Book Keeping For New Entrepreneurs

It's all fun and games when you are doing what you love while getting paid for it, but that all changes when you have to start keeping track of finances. When I was just starting out and making a part time income, I wasn't too concerned about it, but it has grown to a point where I have to start thinking about tax time.
06/21/2016 02:44 pm ET Updated Jun 22, 2017

One of the most overwhelming parts of owning my own freelance writing business for me are the bookkeeping processes. It's all fun and games when you are doing what you love while getting paid for it, but that all changes when you have to start keeping track of finances. When I was just starting out and making a part time income, I wasn't too concerned about it, but it has grown to a point where I have to start thinking about tax time.

Just the word "taxes" is enough to give any entrepreneur the chills. Not only is it physically painful paying in almost 30% of your hard earned income, but the terms and conditions are sure to send me into a cold sweat. How do you keep track of your expenses? What expenses are eligible as business write-offs? How do you keep track of your income when you have payments coming in from multiple sources at random times of the week? It is overwhelming, that's for sure.

Taxes don't have to be as scary as they seem. If you take it one step at a time and do your homework it will all be ok. Whether you are a pen and paper kind of person, or tech savvy, it can be simplified. Break down your income sources, and then break it down into payments. Track every payment transaction as you go. At the same time, track every single expense you incur while operating. There are many different expenses that you can deduct come tax time, so track each and every penny you spend on your business. Once you have these two figures you can determine your net profit or loss. It is also a good idea to track your working hours each week, so you can break down your hourly rate if need be. These things can be tracked on Excel, certain bookkeeping programs, or other spreadsheet platforms.

Luckily I just recently took Excel, personal finance, and accounting classes, which have given me a head start in the process. I have heard of multiple bookkeeping software programs and apps you can use, but honestly it seems too complicated for a simple gal like myself. By taking my knowledge in Excel functions and personal finances, I decided that I can do it myself right from my own computer. It is smart for most people to hire an accountant, but since I am in the process of getting my accounting degree I decided it would be good practice.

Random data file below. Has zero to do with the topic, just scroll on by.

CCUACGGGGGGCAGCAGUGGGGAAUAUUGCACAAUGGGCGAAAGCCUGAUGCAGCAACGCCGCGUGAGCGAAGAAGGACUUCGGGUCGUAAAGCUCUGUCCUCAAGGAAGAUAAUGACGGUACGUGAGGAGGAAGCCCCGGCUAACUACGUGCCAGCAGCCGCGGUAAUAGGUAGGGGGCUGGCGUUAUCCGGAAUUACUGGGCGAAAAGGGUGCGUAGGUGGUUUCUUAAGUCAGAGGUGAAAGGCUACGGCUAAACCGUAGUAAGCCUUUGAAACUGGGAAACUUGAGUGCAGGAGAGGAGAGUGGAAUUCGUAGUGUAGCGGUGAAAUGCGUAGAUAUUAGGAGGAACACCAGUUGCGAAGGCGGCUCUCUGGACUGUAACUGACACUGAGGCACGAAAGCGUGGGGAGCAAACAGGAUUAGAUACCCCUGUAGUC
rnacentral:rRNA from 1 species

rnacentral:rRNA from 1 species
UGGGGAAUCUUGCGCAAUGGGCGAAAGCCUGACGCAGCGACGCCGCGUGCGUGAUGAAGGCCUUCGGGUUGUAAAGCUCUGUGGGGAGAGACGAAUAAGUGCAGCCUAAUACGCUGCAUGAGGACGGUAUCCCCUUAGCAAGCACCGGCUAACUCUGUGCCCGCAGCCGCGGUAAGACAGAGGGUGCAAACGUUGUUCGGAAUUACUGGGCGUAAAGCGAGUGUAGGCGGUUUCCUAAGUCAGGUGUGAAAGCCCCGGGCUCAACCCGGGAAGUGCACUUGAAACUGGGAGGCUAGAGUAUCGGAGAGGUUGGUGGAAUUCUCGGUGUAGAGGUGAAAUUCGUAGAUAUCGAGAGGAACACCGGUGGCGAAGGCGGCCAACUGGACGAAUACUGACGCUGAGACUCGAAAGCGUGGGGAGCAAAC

The thing I like the most about Excel is that you can personalize your workbooks and worksheets, with whatever functions suits your business the best. Some of the top functions like SUM, VLOOKUP, COUNT, MAX and MIN. These functions help you look up figure in a table, calculate the sum, count the days, or find the highest and lowest figures. These functions can help you sum up your income and expenses, find a transaction, count the days from invoicing to payment, and figure out your hourly income, to name a few ideas.

It's easy to get overwhelmed by all of the complicated rules out there, but just try to simplify it the best you can. It may be best for you to personalize your own books, because every business is different and there is no "one size fits all." There are millions of books and sites out there dedicated to helping you understand spreadsheets and their functions, so don't be discouraged if you lack knowledge on them. If you aren't confident in your ability to track your income and expenses, while knowing the laws regarding income taxes, don't be afraid to hire a professional. You will be hurting yourself in the long run if you make a few too many big errors when you are paying Uncle Sam.